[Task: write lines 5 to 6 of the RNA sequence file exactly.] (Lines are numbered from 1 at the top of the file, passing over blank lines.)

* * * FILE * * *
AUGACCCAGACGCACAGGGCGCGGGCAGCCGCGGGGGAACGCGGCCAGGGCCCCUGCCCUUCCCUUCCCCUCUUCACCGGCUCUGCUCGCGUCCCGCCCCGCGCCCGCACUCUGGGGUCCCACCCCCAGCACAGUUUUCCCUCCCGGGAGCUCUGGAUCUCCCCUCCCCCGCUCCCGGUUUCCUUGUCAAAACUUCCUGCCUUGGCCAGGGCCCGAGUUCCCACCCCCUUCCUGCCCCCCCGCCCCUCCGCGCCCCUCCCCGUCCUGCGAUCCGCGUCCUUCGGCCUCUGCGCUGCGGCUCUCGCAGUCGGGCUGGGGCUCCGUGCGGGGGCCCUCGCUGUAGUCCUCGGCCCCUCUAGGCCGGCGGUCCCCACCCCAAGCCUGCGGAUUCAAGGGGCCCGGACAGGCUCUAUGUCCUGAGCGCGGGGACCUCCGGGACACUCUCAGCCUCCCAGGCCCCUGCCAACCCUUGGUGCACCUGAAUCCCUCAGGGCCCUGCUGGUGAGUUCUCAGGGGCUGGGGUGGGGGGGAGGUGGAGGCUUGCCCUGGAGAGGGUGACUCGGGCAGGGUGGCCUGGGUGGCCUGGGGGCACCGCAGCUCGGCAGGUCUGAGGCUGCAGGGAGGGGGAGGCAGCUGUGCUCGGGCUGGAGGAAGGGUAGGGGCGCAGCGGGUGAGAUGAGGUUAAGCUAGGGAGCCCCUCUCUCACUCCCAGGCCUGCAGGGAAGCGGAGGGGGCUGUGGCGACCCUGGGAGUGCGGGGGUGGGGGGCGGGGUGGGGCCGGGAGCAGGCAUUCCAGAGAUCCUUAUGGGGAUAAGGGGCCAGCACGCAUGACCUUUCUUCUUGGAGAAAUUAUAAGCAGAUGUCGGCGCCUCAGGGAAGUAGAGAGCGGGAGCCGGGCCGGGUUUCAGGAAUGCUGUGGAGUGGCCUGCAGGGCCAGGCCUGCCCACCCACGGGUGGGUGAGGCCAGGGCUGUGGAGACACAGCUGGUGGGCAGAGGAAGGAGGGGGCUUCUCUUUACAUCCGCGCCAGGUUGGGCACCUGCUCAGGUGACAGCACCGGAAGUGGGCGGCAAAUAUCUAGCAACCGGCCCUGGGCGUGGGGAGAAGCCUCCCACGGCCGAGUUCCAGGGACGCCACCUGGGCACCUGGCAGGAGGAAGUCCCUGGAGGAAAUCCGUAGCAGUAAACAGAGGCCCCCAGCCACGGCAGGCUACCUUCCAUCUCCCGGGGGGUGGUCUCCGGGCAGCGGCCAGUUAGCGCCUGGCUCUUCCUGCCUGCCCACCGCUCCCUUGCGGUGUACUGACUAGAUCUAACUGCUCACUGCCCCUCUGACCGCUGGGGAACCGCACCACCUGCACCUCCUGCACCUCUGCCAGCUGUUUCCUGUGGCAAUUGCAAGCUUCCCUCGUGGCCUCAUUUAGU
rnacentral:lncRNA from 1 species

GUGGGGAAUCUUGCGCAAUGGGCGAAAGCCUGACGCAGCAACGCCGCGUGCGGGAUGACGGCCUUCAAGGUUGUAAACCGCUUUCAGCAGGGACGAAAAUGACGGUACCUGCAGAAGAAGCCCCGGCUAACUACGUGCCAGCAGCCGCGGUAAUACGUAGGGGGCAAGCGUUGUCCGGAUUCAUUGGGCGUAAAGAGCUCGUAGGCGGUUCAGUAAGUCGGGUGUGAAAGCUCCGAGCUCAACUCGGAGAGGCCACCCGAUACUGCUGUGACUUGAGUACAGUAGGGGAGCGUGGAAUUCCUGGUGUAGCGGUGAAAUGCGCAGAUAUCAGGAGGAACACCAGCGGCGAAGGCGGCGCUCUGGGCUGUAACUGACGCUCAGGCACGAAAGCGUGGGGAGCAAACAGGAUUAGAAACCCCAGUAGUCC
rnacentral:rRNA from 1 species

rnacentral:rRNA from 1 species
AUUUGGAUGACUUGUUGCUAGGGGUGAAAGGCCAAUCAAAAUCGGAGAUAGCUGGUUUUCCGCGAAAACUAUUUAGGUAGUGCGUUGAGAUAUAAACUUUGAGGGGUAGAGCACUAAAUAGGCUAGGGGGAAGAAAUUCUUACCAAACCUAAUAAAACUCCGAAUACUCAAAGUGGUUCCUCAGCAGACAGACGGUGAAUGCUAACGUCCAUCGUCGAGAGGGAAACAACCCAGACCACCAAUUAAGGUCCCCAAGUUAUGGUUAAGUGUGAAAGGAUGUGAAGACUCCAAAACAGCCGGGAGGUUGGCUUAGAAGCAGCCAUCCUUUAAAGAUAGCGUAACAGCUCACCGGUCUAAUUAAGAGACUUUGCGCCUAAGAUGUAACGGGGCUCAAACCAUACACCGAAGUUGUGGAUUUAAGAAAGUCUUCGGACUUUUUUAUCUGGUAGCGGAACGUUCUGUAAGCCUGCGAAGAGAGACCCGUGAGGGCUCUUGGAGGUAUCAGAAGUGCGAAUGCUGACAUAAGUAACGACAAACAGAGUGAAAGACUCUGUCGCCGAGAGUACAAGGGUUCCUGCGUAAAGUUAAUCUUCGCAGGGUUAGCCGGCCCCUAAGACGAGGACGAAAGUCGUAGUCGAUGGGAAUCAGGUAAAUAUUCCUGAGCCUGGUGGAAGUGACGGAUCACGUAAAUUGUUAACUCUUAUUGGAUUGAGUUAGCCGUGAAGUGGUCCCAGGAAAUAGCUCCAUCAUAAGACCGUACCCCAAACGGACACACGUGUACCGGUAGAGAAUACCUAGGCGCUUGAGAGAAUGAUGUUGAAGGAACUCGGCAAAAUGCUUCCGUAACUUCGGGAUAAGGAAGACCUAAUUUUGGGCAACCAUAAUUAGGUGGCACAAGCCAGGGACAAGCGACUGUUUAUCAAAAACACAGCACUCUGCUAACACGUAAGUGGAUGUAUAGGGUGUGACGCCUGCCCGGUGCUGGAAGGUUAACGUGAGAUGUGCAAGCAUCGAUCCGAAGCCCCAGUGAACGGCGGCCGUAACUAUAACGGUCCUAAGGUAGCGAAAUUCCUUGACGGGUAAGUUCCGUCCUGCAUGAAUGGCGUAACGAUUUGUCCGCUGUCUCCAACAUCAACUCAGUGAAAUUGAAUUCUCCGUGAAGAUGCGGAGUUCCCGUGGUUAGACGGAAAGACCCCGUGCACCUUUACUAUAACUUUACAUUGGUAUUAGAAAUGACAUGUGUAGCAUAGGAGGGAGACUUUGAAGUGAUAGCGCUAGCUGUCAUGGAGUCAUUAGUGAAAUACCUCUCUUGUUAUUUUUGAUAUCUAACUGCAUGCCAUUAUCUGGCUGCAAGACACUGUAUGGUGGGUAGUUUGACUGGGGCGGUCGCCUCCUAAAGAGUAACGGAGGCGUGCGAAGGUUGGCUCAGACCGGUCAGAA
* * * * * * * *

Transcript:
rnacentral:rRNA from 1 species
AUUUGGAUGACUUGUUGCUAGGGGUGAAAGGCCAAUCAAAAUCGGAGAUAGCUGGUUUUCCGCGAAAACUAUUUAGGUAGUGCGUUGAGAUAUAAACUUUGAGGGGUAGAGCACUAAAUAGGCUAGGGGGAAGAAAUUCUUACCAAACCUAAUAAAACUCCGAAUACUCAAAGUGGUUCCUCAGCAGACAGACGGUGAAUGCUAACGUCCAUCGUCGAGAGGGAAACAACCCAGACCACCAAUUAAGGUCCCCAAGUUAUGGUUAAGUGUGAAAGGAUGUGAAGACUCCAAAACAGCCGGGAGGUUGGCUUAGAAGCAGCCAUCCUUUAAAGAUAGCGUAACAGCUCACCGGUCUAAUUAAGAGACUUUGCGCCUAAGAUGUAACGGGGCUCAAACCAUACACCGAAGUUGUGGAUUUAAGAAAGUCUUCGGACUUUUUUAUCUGGUAGCGGAACGUUCUGUAAGCCUGCGAAGAGAGACCCGUGAGGGCUCUUGGAGGUAUCAGAAGUGCGAAUGCUGACAUAAGUAACGACAAACAGAGUGAAAGACUCUGUCGCCGAGAGUACAAGGGUUCCUGCGUAAAGUUAAUCUUCGCAGGGUUAGCCGGCCCCUAAGACGAGGACGAAAGUCGUAGUCGAUGGGAAUCAGGUAAAUAUUCCUGAGCCUGGUGGAAGUGACGGAUCACGUAAAUUGUUAACUCUUAUUGGAUUGAGUUAGCCGUGAAGUGGUCCCAGGAAAUAGCUCCAUCAUAAGACCGUACCCCAAACGGACACACGUGUACCGGUAGAGAAUACCUAGGCGCUUGAGAGAAUGAUGUUGAAGGAACUCGGCAAAAUGCUUCCGUAACUUCGGGAUAAGGAAGACCUAAUUUUGGGCAACCAUAAUUAGGUGGCACAAGCCAGGGACAAGCGACUGUUUAUCAAAAACACAGCACUCUGCUAACACGUAAGUGGAUGUAUAGGGUGUGACGCCUGCCCGGUGCUGGAAGGUUAACGUGAGAUGUGCAAGCAUCGAUCCGAAGCCCCAGUGAACGGCGGCCGUAACUAUAACGGUCCUAAGGUAGCGAAAUUCCUUGACGGGUAAGUUCCGUCCUGCAUGAAUGGCGUAACGAUUUGUCCGCUGUCUCCAACAUCAACUCAGUGAAAUUGAAUUCUCCGUGAAGAUGCGGAGUUCCCGUGGUUAGACGGAAAGACCCCGUGCACCUUUACUAUAACUUUACAUUGGUAUUAGAAAUGACAUGUGUAGCAUAGGAGGGAGACUUUGAAGUGAUAGCGCUAGCUGUCAUGGAGUCAUUAGUGAAAUACCUCUCUUGUUAUUUUUGAUAUCUAACUGCAUGCCAUUAUCUGGCUGCAAGACACUGUAUGGUGGGUAGUUUGACUGGGGCGGUCGCCUCCUAAAGAGUAACGGAGGCGUGCGAAGGUUGGCUCAGACCGGUCAGAA